Sanskrit literature is rich in a variety of texts across a wide range of disciplines including mathematics, astronomy, medicine, history, philosophy, drama, mythology and so on. A perusal of literature around the world will show that, while it is common to compose works related to history, literature, mythology etc. in metrical form, scientific lit...

Bhāskarācārya’s grandson Caṅgadeva established a college (maṭha) for the propagation of his grandfather’s works (śrī-bhāskarācārya-nibaddha-śāstravistāra- hetoḥ) and announced this fact in an inscription in 1207.

Bhāskarācārya is basically a paṇḍita of the twelfth century, well-versed in Sanskrit śāstras at the level they had reached in his times. That was a period of great refinement, a summit in all cultural fields, science, literature and arts.

Apart from composing the celebrated textbooks of Indian mathematics and astronomy, viz. Līlāvatī, Bījagaṇita and Siddhāntaśiromaṇi, Bhāskarācārya also wrote the Vāsanābhāṣyas, commentaries which have acquired the status of canonical expository texts as they present detailed explanations and justifications for the results and processes outlined in t...

The Siddhāntaśiromaṇi composed in 1150 ce by Bhāskarācārya is one of the most comprehensive treatises on Indian astronomy. It has two parts, namely, Grahagaṇita and Golādhyāya.

In his most comprehensive and critical history of Bhāratīya Jyotiṣa, the great savant Sankara Balakrishna Dikshit remarks that Bhāskarācārya used his exceptional talents in formulating rationales for the mathematical and astronomical procedures but not in advancing the techniques of observational astronomy [Dik1981, pp. 114–123, esp. 120–121].

One of the important topics of the traditional luni-solar calendar is how to insert intercalary months so that the lunar month, which is dependent on the lunar phase, can be adjusted to the solar month, which is determined by the position of the sun.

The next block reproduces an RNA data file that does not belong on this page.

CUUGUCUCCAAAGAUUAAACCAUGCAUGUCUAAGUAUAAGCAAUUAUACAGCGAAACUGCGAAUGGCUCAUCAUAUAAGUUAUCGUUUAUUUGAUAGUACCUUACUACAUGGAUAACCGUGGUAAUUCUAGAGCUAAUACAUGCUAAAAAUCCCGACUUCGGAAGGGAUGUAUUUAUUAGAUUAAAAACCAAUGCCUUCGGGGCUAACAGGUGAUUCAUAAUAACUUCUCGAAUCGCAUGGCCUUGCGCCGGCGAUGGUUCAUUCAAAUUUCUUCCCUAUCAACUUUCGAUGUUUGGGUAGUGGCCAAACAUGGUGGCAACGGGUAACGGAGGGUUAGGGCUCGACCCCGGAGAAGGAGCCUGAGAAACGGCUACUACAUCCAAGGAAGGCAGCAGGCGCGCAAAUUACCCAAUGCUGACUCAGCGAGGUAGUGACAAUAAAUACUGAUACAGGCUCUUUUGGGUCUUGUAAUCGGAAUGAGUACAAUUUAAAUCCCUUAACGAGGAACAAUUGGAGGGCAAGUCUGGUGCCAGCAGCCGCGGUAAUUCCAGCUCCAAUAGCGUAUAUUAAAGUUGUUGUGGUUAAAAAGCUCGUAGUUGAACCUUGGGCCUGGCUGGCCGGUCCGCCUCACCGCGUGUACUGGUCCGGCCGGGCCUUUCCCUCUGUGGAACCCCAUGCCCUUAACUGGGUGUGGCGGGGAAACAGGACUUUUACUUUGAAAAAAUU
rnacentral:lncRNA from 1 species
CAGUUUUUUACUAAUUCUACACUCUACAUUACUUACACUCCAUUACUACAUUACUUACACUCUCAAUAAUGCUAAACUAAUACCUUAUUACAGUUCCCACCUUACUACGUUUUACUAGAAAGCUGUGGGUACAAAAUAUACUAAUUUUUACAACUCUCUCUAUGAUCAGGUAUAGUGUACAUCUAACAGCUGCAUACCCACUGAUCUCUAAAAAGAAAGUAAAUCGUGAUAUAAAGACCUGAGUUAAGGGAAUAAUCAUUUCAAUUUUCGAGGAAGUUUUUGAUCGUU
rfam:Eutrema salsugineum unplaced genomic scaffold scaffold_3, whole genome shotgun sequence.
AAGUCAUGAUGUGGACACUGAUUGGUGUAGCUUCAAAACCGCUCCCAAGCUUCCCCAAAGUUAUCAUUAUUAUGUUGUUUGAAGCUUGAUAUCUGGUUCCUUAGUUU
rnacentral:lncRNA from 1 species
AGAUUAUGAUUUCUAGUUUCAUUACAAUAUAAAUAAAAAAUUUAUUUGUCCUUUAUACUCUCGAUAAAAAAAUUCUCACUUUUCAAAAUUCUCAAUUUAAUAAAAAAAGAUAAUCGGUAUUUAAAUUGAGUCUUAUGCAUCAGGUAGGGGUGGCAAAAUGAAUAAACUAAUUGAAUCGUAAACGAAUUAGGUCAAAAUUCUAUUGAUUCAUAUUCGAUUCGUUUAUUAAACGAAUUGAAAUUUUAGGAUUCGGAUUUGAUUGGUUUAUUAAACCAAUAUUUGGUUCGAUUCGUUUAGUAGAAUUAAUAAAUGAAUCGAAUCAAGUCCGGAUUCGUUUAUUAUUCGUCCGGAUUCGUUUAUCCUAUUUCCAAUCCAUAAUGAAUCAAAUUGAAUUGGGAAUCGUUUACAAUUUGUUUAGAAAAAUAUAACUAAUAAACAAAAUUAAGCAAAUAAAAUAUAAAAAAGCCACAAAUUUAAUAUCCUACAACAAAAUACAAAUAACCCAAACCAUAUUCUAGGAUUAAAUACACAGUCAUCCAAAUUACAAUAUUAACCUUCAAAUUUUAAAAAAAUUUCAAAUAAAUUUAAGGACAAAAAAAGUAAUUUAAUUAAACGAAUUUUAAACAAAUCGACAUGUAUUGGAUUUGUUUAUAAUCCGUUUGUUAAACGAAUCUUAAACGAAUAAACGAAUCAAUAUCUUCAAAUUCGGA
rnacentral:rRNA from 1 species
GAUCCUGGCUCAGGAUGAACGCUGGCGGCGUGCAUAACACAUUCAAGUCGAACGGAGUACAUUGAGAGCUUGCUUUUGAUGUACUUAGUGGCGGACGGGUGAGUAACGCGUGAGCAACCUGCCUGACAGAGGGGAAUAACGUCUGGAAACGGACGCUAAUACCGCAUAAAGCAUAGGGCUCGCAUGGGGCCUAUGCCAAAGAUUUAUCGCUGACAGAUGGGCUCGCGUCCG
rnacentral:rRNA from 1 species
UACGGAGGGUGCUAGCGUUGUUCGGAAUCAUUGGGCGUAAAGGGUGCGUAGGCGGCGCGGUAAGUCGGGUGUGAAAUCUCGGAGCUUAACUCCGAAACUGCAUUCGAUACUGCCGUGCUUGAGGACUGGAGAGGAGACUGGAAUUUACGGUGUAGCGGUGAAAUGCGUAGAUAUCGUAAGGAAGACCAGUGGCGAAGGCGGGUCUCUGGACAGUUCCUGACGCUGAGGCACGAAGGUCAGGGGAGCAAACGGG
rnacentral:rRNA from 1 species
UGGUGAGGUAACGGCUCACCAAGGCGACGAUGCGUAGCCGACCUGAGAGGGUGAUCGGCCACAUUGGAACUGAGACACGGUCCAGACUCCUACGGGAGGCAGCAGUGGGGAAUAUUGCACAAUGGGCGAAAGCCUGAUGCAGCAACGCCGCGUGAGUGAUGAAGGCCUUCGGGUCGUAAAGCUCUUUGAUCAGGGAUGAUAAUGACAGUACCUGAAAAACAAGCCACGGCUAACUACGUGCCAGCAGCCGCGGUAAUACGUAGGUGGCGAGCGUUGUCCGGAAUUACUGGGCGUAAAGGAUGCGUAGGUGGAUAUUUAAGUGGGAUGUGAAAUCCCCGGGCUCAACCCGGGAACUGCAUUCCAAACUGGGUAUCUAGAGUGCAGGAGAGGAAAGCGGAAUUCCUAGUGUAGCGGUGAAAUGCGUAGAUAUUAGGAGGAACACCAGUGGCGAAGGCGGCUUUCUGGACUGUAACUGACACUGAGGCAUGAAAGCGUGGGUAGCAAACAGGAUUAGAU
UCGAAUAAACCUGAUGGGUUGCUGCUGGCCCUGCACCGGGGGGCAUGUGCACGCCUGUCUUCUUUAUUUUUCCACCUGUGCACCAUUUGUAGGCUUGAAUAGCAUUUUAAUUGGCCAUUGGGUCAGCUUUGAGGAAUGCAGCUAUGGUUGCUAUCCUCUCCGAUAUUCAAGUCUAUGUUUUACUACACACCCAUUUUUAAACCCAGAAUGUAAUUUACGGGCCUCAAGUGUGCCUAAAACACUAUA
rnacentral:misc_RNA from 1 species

Jyotpatti, literally ‘Production of Sines’, is the name given to one of the chapters of Bhāskara’s Siddhāntaśiromaṇi (1150 ce).

This book covers the works of Bhāskara, in particular, his monumental treatise on astronomy, the Siddhāntaśiromaṇi, his astronomical handbook, the Karaṇakutūhala, and his two mathematical treatises, the Līlavatī and the Bījagaṇita, on arithmetic and algebra, respectively. It is a collection of selected papers presented at Bhāskara 900, an internati...

A set of tables devoted to solar and lunar phenomena entitled the Candrārkī was prepared in Sanskrit by the sixteenth-century Indian astronomer Dinakara. Along with the tables, Dinakara composed a short accompanying text which instructed the user how to extract and manipulate the tabular data to construct their own calendar for any desired year and...

A set of tables devoted to the sun and the moon, titled the Candrārkī (“Related to the moon and sun”), was compiled in Sanskrit by Indian astronomer Dinakara along with a short accompanying text, intended to give guidance on how to construct a calendar (pañcāṅga) for any desired year and geographical circumstances. The epoch of this table-text is 9...

This groundbreaking volume provides an up-to-date, accessible guide to Sanskrit astronomical tables and their analysis. It begins with an overview of Indian mathematical astronomy and its literature, including table texts, in the context of history of pre-modern astronomy. It then discusses the primary mathematical astronomy content of table texts...